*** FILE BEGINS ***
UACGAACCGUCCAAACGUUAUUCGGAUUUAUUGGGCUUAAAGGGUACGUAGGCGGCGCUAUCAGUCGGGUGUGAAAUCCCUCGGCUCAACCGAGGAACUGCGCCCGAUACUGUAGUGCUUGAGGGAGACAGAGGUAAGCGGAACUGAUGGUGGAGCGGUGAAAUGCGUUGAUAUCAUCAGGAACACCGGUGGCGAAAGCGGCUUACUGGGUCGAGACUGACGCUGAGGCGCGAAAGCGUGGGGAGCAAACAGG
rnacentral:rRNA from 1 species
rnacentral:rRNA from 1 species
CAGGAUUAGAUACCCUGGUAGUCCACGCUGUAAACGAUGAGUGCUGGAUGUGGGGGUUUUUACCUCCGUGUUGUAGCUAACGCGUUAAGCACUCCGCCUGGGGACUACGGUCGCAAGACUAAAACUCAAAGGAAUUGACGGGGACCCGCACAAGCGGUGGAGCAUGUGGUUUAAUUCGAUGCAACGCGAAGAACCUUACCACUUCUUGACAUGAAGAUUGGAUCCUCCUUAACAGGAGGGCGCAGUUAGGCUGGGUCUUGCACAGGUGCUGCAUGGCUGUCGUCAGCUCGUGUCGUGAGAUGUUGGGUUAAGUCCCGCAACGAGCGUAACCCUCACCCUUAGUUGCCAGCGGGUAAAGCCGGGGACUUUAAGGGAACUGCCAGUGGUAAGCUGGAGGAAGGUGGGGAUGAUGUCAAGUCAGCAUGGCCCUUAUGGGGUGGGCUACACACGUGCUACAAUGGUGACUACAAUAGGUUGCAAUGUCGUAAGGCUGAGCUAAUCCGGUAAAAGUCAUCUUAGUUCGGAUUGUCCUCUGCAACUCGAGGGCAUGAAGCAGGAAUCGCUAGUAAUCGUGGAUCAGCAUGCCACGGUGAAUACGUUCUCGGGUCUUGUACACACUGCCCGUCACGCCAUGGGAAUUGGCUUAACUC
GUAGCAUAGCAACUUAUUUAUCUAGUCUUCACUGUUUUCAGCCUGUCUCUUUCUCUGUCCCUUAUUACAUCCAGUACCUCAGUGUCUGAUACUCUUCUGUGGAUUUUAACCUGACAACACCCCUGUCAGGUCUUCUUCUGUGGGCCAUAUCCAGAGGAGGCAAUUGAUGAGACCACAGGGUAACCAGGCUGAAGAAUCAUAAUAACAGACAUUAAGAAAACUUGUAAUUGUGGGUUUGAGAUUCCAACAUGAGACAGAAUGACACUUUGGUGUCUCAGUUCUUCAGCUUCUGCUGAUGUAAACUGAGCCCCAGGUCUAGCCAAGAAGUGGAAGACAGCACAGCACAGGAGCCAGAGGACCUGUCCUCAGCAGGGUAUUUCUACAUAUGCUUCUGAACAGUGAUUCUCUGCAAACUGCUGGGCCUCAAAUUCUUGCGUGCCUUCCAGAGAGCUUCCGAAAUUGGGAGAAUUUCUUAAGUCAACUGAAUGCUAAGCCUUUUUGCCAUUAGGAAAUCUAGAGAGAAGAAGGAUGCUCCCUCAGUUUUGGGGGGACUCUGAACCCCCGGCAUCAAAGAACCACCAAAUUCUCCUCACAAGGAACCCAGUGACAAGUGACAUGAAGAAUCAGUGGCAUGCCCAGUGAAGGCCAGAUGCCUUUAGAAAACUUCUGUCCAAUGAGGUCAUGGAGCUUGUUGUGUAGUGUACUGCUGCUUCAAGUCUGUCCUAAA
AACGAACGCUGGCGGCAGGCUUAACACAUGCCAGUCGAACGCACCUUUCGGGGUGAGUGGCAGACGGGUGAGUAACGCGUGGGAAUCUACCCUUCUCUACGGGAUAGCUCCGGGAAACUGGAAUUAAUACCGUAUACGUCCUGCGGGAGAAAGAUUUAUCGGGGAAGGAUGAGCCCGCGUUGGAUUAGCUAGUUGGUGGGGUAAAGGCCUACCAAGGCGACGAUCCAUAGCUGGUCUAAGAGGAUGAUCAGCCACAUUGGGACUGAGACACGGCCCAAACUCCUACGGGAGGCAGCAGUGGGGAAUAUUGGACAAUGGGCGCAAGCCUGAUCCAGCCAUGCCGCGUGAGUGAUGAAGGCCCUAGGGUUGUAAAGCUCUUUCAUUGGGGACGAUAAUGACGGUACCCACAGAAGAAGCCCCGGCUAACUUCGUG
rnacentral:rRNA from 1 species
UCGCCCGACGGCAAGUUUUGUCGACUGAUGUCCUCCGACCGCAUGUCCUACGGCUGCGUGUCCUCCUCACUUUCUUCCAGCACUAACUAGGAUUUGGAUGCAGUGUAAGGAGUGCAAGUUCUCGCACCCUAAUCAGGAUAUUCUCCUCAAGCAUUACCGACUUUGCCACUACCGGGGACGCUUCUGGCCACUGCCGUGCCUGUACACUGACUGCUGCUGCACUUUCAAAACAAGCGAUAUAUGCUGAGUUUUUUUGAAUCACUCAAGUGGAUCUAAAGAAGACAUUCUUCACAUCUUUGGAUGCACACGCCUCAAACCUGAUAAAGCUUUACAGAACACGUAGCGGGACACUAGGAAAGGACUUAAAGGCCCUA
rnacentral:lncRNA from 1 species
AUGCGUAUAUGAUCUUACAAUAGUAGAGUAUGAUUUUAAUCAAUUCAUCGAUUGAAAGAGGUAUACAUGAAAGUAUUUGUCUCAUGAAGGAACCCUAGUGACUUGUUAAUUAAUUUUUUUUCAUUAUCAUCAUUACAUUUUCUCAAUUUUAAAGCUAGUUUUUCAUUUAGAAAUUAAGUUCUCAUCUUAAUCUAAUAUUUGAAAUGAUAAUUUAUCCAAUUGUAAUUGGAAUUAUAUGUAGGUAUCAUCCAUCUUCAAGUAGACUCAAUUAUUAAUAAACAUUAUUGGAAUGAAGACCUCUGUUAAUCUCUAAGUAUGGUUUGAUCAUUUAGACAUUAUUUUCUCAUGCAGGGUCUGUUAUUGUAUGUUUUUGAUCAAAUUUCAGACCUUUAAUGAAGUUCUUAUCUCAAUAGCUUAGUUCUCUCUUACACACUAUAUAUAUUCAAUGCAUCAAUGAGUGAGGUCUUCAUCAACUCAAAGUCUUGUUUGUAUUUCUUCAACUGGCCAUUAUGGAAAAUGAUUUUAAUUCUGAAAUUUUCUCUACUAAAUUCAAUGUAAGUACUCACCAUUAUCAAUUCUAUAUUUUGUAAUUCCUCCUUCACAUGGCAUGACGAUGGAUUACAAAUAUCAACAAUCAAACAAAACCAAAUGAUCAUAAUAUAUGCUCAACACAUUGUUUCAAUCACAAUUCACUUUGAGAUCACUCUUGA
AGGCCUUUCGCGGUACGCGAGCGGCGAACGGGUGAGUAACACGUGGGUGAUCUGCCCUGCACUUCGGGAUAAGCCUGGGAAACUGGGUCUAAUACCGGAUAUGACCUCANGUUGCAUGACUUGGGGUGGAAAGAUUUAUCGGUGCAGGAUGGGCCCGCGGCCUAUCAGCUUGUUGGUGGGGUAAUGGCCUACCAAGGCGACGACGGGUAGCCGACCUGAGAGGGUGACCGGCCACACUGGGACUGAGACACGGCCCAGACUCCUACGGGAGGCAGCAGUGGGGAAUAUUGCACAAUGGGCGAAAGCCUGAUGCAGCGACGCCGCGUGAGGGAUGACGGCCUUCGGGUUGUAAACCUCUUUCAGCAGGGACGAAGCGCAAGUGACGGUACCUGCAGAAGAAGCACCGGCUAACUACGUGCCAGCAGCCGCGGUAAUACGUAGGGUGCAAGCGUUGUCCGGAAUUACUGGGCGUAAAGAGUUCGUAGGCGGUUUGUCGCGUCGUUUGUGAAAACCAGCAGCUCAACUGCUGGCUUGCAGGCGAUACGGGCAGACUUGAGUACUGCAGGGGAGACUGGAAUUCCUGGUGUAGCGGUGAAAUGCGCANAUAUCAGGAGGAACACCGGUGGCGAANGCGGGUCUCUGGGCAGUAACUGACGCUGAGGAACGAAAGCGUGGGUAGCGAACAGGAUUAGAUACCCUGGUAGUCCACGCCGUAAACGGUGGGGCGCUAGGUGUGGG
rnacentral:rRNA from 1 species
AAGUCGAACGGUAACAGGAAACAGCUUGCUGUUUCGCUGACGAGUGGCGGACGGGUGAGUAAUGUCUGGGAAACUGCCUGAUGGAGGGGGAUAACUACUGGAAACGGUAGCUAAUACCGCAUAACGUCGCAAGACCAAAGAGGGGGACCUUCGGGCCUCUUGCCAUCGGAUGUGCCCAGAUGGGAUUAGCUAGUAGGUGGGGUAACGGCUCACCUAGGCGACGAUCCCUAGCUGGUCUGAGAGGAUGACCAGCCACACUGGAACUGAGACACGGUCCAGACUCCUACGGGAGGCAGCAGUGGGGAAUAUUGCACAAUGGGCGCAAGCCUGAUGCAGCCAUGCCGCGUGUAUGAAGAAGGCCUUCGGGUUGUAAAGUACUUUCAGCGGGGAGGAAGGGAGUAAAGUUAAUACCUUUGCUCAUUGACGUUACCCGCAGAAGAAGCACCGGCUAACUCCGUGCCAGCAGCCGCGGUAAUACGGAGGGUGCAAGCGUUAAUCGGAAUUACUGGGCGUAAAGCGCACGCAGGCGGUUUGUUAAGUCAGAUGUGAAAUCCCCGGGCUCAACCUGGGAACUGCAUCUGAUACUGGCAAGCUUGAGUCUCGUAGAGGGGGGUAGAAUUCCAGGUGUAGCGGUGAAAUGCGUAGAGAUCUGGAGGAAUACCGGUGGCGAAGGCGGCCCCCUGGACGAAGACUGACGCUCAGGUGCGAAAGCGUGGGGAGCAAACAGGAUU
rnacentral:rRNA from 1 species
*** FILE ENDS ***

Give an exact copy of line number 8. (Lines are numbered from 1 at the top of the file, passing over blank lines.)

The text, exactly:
UCGCCCGACGGCAAGUUUUGUCGACUGAUGUCCUCCGACCGCAUGUCCUACGGCUGCGUGUCCUCCUCACUUUCUUCCAGCACUAACUAGGAUUUGGAUGCAGUGUAAGGAGUGCAAGUUCUCGCACCCUAAUCAGGAUAUUCUCCUCAAGCAUUACCGACUUUGCCACUACCGGGGACGCUUCUGGCCACUGCCGUGCCUGUACACUGACUGCUGCUGCACUUUCAAAACAAGCGAUAUAUGCUGAGUUUUUUUGAAUCACUCAAGUGGAUCUAAAGAAGACAUUCUUCACAUCUUUGGAUGCACACGCCUCAAACCUGAUAAAGCUUUACAGAACACGUAGCGGGACACUAGGAAAGGACUUAAAGGCCCUA